Orin Kerr at Volokh Conspiracy links to a NYT article on a new study showing that 1% of the adult population of the U.S. is in jail. That's sobering. The racial disparity is also sobering:
Incarceration rates are even higher for some groups. One in 36 Hispanic adults is behind bars, based on Justice Department figures for 2006. One in 15 black adults is, too, as is one in nine black men between the ages of 20 and 34.
The report, from the Pew Center on the States, also found that only one in 355 white women between the ages of 35 and 39 are behind bars but that one in 100 black women are.
Also sobering, the staggering cost of it all:
Now, with fewer resources available, the report said, “prison costs are blowing a hole in state budgets.” On average, states spend almost 7 percent on their budgets on corrections, trailing only healthcare, education and transportation.
In 2007, according to the National Association of State Budgeting Officers, states spent $44 billion in tax dollars on corrections. That is up from $10.6 billion in 1987, a 127 increase once adjusted for inflation. With money from bonds and the federal government included, total state spending on corrections last year was $49 billion. By 2011, the report said, states are on track to spend an additional $25 billion.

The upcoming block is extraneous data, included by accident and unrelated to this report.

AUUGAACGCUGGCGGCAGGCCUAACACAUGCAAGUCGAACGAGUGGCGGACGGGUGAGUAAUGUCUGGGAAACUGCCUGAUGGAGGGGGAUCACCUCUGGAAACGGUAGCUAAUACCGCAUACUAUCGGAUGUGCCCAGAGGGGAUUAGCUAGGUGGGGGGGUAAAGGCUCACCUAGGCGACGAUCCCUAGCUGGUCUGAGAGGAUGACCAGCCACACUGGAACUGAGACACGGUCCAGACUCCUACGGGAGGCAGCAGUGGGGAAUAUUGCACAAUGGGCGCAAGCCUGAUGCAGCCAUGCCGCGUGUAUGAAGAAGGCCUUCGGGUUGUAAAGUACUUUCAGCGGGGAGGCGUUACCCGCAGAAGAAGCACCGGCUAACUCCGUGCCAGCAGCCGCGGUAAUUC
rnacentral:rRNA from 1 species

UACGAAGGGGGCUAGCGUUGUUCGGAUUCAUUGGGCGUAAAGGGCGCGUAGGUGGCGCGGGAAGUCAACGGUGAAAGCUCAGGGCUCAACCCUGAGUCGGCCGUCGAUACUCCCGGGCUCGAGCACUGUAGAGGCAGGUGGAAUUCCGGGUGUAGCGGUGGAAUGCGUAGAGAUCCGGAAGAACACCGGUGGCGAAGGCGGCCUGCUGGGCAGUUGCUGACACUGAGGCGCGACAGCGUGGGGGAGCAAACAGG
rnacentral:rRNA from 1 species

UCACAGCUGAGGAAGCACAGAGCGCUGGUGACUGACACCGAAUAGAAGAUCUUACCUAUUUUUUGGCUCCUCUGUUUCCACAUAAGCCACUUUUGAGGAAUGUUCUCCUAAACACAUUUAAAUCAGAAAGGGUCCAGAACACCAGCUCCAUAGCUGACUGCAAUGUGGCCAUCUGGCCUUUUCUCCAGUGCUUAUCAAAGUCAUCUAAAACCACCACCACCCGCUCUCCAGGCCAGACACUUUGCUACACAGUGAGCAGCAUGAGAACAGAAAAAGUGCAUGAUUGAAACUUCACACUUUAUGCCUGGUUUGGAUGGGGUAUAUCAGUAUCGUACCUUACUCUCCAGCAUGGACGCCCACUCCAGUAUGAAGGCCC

It cost an average of $23,876 dollars to imprison someone in 2005, the most recent year for which data were available. But state spending varies widely, from $45,000 a year in Rhode Island to $13,000 in Louisiana.
Presumably Louisiana's numbers are skewed by selling off the organs of death row inmates or something.
I'd like to see the breakdown of why these people are in jail. In particular, I'd like to see what percentage is attributable to drug use and drug distribution. (In 2004, I see that it was 21% of state inmates and 55% of federal inmates — though that probably doesn't include county jails). I think such statistics could help us take a small step towards the once-unthinkable goal of a serious discussion about drug criminalization in this country. 1% is a vast percentage of the nation's adults to jail, and it requires another vast percentage (I'd guess on the order of another 1%) to be involved catching them, processing them, and watching them.
Let me be clear I'm being a heartless-style libertarian here and not a warm-and-fuzzy liberal. I don't want to spring people from jail out of some sense of Power to the People, at least not predominantly. I just think it's a bad way for society to use its resources. I'm happy with the violent criminals and persistent property offenders staying longer in space vacated by the druggies. And I don't, for instance, agree with this guy quoted in the article:
“We have 5,500 D.W.I offenders in prison,” he said, including people caught driving under the influence who had not been in an accident. “They’re in the general population. As serious as drinking and driving is, we should segregate them and give them treatment.”
Well, no. If they're in prison, they're almost certainly repeat offenders. Treatment didn't work the first time. I'd rather have them in jail and not driving.
Eugene Volokh offers a fascinating riff on this in the form of statistics strongly suggesting that at least some of the surge in incarceration is explained by a much lower rate of institutionalization of the mentally ill.
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